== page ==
Surveying academia, for example, he observes that “nobody is setting up a program in unemployed studies, homeless studies, or trailer-park studies, because the unemployed, the homeless, and residents of trailer parks are not the ‘other’ in the relative sense. To be other in this sense you must bear an ineradicable stigma, one which makes you a victim of socially accepted sadism rather than merely of economic selfishness.”
For Rorty, a Left that neglects victims of economic selfishness will not only fail; its neglect of class will trigger a terrible backlash that ultimately ill-serve the very groups that Leftist identity politics are intended to help. “The gains made in the past forty years by black and brown Americans, and by homosexuals, will very likely be wiped out,” he worried. “Jocular contempt for women will come back into fashion. The words ‘nigger’ and ‘kike’ will once again be heard in the workplace. All the sadism which the academic Left has tried to make unacceptable to its students will come flooding back. All the resentment which badly educated Americans feel about having their manners dictated to them by college graduates will find an outlet.”
Thankfully, the backlash hasn’t gone that far. Yet.
To avoid that future, to compete in national politics, Rorty believed that the Left would have to find a way to better address the consequences of globalization, and that it could only do so by “opening relations with the residue of the old reformist Left, and in particular with the labor unions.” What’s more, the Left “would have to talk much more about money, even at the cost of talking less about stigma.” In service of that transition, he advised the Left to “put a moratorium on theory … to kick its philosophy habit” and to “try to mobilize what remains of our pride in being Americans.”
What exactly did he mean by “kicking the philosophy habit”?
The contemporary academic Left seems to think that the higher your level of abstraction, the more subversive of the established order you can be. The more sweeping and novel your conceptual apparatus, the more radical your critique…
Recent attempts to subvert social institutions by problematizing concepts have produced a few very good books. They have also produced many thousands of books which represent scholastic philosophizing at its worst. The authors of these purportedly “subversive” books honestly believe that they are serving human liberty. But it is almost impossible to clamber back down from their books to a level of abstraction on which one might discuss the merits of a law, a treaty, a candidate, or a political strategy.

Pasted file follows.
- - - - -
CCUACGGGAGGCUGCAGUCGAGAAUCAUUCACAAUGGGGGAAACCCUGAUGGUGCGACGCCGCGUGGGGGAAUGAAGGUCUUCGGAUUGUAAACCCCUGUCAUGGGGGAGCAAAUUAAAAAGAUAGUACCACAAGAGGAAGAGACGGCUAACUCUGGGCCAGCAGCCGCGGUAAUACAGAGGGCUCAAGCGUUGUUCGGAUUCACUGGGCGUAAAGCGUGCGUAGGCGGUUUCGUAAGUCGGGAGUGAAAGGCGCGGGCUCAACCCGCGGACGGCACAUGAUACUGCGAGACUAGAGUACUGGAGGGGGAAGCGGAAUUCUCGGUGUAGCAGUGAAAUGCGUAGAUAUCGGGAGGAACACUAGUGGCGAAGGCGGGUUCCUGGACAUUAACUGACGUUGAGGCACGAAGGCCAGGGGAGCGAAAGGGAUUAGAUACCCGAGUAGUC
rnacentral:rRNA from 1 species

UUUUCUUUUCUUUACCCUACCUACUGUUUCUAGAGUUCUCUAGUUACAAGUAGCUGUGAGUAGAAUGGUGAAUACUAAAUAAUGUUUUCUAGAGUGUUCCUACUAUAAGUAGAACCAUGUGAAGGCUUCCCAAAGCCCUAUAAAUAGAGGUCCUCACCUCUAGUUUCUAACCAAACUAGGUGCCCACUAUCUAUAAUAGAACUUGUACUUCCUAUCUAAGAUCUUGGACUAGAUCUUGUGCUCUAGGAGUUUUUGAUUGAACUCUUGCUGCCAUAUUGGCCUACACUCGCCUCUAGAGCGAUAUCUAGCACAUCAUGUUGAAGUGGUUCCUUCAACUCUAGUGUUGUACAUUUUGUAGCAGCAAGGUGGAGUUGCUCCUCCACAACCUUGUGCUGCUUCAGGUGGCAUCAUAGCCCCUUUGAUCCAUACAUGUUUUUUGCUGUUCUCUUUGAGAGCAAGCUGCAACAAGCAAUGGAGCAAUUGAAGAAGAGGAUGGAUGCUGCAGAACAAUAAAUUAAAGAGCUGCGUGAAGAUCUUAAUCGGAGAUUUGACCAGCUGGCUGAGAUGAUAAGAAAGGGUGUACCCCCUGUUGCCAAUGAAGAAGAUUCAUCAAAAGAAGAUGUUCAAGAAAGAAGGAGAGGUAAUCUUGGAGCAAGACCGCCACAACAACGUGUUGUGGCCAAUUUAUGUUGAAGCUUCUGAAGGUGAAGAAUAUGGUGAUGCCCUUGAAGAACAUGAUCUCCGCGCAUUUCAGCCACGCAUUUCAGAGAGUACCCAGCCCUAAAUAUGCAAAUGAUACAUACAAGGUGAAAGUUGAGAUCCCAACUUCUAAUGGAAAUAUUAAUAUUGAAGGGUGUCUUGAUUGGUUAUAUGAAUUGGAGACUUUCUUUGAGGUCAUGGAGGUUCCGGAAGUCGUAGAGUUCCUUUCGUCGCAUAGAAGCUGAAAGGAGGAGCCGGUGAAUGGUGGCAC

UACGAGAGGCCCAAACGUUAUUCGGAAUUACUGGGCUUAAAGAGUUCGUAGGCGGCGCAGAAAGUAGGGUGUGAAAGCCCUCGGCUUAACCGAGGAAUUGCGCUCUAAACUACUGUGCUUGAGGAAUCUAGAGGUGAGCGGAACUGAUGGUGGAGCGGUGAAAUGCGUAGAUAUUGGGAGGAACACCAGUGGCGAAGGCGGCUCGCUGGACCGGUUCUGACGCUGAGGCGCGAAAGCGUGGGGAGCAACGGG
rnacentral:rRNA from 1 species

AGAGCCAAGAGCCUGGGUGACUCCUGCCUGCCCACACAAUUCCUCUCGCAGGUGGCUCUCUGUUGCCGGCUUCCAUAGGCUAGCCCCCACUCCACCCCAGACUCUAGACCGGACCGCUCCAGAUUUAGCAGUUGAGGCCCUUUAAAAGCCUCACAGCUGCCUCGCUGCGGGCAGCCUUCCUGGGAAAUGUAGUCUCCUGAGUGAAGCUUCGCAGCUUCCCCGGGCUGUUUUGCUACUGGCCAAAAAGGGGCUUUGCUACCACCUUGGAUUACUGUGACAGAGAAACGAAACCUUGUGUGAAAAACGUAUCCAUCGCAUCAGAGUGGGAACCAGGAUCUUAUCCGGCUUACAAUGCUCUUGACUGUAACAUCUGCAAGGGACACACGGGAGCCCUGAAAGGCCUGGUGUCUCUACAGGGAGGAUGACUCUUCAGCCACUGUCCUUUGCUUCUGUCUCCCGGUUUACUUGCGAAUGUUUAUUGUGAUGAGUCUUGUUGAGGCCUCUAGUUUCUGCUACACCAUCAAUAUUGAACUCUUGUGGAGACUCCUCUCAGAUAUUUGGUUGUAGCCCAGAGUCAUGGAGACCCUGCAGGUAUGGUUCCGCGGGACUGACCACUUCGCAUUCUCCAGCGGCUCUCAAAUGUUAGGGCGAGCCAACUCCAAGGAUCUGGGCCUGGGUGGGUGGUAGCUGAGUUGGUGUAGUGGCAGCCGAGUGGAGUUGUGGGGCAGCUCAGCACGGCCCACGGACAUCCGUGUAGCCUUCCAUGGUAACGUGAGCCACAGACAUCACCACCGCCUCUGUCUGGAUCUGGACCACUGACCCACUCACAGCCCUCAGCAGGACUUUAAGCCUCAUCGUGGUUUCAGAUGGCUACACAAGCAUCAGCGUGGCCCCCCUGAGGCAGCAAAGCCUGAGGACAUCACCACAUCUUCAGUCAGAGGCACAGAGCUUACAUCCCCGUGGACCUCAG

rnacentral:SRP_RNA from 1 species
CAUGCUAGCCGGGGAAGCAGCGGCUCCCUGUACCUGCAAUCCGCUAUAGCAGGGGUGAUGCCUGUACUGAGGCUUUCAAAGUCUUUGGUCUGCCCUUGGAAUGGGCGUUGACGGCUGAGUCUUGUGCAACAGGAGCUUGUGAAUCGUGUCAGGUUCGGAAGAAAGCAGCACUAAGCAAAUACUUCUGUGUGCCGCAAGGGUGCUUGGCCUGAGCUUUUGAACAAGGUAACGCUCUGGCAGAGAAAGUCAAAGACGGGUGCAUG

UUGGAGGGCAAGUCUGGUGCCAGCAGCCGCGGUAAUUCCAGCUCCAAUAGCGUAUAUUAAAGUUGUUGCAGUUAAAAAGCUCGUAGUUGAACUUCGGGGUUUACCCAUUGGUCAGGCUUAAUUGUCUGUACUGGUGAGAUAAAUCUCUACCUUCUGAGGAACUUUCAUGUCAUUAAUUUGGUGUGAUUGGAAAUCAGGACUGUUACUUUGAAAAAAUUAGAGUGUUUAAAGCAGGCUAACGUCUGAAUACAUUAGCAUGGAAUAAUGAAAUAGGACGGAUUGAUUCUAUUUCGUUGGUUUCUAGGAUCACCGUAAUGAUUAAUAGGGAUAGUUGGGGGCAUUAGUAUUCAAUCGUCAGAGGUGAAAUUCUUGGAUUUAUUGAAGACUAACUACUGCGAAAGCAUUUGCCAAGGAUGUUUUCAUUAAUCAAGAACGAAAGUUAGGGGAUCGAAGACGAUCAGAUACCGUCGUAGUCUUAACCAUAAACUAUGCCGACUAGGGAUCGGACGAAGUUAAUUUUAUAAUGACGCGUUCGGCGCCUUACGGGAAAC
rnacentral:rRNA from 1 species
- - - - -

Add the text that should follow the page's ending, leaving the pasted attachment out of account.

Even though what these authors “theorize” is often something very concrete and near at hand—a current TV show, a media celebrity, a recent scandal—they offer the most abstract and barren explanations imaginable. These futile attempts to philosophize one’s way into political relevance are a symptom of what happens when a Left retreats from activism and adopts a spectatorial approach to the problems of its country.
This disengagement from practical politics “produces theoretical hallucinations,” he added. “The cultural Left is haunted by ubiquitous specters, the most frightening of which is called ‘power.’” This obsession with power elicited scathing words:
In its Foucauldian usage, the term “power” denotes an agency which has left an indelible stain on every word in our language and on every institution. It is always already there, and cannot be spotted coming or going … Only interminable individual and social self-analysis, and perhaps not even that, can help us escape from the infinitely fine meshes of its invisible web.
The Ubiquity of Foucaldian power is reminiscent of the ubiquity of Satan, and thus of the ubiquity of original sin—that diabolical stain on every human soul ... in committing itself to what it calls “theory,” this Left has gotten something which is entirely too much like religion. For the cultural Left has come to believe that we must place our country within a theoretical frame of reference, situate it within a vast quasi-cosmological perspective.
What stories about blue-eyed devils are to Black Muslims, stories about hegemony and power are to many cultural Leftists ... To step into the intellectual world which some of these Leftists inhabit is to move out of a world in which the citizens of a democracy can join forces to resist sadism and selfishness into a Gothic world in which democratic politics has become a farce ... in which all the daylight cheerfulness of Whitmanesque hyper-secularism has been lost, and “liberalism” and “humanism” are synonyms for naiveté—for an inability to grasp the full horror of our situation.
In his estimation, however, the Foucauldian Left and its focus on cosmopolitan identity politics, enforced through stigma, is easily the more naive approach to advancing justice.